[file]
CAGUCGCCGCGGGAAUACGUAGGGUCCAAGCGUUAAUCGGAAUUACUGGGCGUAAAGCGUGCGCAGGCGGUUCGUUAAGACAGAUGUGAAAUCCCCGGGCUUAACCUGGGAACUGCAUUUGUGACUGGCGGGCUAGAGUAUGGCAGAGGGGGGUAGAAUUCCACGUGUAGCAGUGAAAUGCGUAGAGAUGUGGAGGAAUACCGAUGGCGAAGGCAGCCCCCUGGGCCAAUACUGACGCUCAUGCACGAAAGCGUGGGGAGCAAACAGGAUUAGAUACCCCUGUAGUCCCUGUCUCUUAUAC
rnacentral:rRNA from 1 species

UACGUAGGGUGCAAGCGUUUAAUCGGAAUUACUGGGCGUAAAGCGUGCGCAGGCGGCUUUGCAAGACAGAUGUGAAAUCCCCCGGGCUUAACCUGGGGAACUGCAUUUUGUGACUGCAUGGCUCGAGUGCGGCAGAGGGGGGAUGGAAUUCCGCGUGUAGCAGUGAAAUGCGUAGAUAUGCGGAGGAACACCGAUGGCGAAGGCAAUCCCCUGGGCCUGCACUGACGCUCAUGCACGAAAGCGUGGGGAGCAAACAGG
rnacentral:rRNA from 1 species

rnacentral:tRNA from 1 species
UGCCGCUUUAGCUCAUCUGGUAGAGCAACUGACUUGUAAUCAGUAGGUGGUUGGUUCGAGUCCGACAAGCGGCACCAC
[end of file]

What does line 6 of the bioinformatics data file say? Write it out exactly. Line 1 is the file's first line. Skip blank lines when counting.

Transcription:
UGCCGCUUUAGCUCAUCUGGUAGAGCAACUGACUUGUAAUCAGUAGGUGGUUGGUUCGAGUCCGACAAGCGGCACCAC